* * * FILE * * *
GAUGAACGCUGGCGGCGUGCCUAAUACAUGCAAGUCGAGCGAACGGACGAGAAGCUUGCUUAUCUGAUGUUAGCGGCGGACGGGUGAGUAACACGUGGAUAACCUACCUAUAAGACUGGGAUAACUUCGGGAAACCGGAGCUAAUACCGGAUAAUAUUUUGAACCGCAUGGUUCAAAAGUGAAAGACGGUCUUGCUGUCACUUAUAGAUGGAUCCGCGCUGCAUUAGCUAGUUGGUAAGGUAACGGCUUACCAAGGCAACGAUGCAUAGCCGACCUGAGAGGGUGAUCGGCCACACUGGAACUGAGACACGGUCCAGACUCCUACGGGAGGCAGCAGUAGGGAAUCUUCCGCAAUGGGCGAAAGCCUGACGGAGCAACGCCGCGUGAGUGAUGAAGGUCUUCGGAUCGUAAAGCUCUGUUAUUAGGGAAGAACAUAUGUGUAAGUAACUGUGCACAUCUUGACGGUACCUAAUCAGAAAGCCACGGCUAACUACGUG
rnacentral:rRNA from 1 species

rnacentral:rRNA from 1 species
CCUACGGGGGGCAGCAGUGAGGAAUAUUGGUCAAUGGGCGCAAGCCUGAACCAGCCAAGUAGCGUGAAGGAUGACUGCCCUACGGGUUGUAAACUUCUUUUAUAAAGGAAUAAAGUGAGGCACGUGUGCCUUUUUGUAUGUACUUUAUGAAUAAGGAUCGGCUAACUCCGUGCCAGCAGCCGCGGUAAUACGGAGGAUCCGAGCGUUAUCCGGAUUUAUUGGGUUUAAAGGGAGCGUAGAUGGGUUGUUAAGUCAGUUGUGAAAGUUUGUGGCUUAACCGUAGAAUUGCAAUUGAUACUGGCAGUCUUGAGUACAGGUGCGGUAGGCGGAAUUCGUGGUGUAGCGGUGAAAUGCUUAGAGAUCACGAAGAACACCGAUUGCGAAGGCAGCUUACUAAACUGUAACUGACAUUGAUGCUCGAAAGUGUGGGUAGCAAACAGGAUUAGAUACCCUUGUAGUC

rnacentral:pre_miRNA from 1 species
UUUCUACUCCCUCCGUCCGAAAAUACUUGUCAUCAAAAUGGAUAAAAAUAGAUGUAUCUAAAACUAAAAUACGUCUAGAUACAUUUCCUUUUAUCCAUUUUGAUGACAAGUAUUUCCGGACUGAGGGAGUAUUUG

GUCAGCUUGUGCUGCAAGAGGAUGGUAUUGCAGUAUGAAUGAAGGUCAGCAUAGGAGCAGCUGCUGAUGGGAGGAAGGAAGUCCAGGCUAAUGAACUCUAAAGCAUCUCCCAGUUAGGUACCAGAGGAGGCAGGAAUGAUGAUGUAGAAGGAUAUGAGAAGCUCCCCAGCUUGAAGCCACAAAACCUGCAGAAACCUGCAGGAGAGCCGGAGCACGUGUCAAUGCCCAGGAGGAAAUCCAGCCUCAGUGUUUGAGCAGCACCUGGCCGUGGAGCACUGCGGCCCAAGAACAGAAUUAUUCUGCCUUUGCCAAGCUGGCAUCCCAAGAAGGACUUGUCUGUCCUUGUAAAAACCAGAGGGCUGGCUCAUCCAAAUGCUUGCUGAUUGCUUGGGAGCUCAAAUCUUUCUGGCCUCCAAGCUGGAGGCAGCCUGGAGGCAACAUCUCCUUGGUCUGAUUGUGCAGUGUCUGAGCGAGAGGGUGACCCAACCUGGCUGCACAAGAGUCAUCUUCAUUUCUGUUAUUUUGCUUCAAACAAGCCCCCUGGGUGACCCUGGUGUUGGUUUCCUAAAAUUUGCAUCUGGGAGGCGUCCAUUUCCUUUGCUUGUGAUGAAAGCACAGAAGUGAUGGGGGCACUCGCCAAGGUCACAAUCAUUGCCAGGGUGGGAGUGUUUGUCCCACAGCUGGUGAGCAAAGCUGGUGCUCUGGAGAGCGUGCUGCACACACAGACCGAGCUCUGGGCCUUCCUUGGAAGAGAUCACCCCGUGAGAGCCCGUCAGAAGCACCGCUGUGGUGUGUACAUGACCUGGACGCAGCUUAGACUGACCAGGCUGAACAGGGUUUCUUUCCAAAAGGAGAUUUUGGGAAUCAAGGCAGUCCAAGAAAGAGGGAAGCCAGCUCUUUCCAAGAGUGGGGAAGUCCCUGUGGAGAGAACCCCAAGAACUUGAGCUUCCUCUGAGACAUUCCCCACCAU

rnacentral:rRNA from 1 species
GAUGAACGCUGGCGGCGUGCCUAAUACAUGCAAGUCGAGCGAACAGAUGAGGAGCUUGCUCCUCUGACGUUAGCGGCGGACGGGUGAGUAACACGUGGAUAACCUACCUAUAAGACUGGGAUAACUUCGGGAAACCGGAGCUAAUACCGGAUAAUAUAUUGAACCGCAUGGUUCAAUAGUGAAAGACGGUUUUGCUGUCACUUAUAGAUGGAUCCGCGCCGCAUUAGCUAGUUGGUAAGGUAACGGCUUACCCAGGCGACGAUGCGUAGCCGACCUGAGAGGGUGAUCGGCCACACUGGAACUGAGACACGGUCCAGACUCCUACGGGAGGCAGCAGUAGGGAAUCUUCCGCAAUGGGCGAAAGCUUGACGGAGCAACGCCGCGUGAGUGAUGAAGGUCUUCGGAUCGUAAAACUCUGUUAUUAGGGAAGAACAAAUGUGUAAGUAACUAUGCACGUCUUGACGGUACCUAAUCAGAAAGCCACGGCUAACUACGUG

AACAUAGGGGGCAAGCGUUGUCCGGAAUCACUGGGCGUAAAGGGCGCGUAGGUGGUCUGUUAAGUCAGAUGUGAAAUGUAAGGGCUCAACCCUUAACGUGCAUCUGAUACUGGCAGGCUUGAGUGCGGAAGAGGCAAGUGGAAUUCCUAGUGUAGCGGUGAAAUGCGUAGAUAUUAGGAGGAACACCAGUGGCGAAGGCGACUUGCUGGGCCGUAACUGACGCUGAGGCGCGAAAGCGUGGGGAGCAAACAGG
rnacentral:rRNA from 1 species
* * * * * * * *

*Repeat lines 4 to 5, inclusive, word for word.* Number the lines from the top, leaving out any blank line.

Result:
CCUACGGGGGGCAGCAGUGAGGAAUAUUGGUCAAUGGGCGCAAGCCUGAACCAGCCAAGUAGCGUGAAGGAUGACUGCCCUACGGGUUGUAAACUUCUUUUAUAAAGGAAUAAAGUGAGGCACGUGUGCCUUUUUGUAUGUACUUUAUGAAUAAGGAUCGGCUAACUCCGUGCCAGCAGCCGCGGUAAUACGGAGGAUCCGAGCGUUAUCCGGAUUUAUUGGGUUUAAAGGGAGCGUAGAUGGGUUGUUAAGUCAGUUGUGAAAGUUUGUGGCUUAACCGUAGAAUUGCAAUUGAUACUGGCAGUCUUGAGUACAGGUGCGGUAGGCGGAAUUCGUGGUGUAGCGGUGAAAUGCUUAGAGAUCACGAAGAACACCGAUUGCGAAGGCAGCUUACUAAACUGUAACUGACAUUGAUGCUCGAAAGUGUGGGUAGCAAACAGGAUUAGAUACCCUUGUAGUC

rnacentral:pre_miRNA from 1 species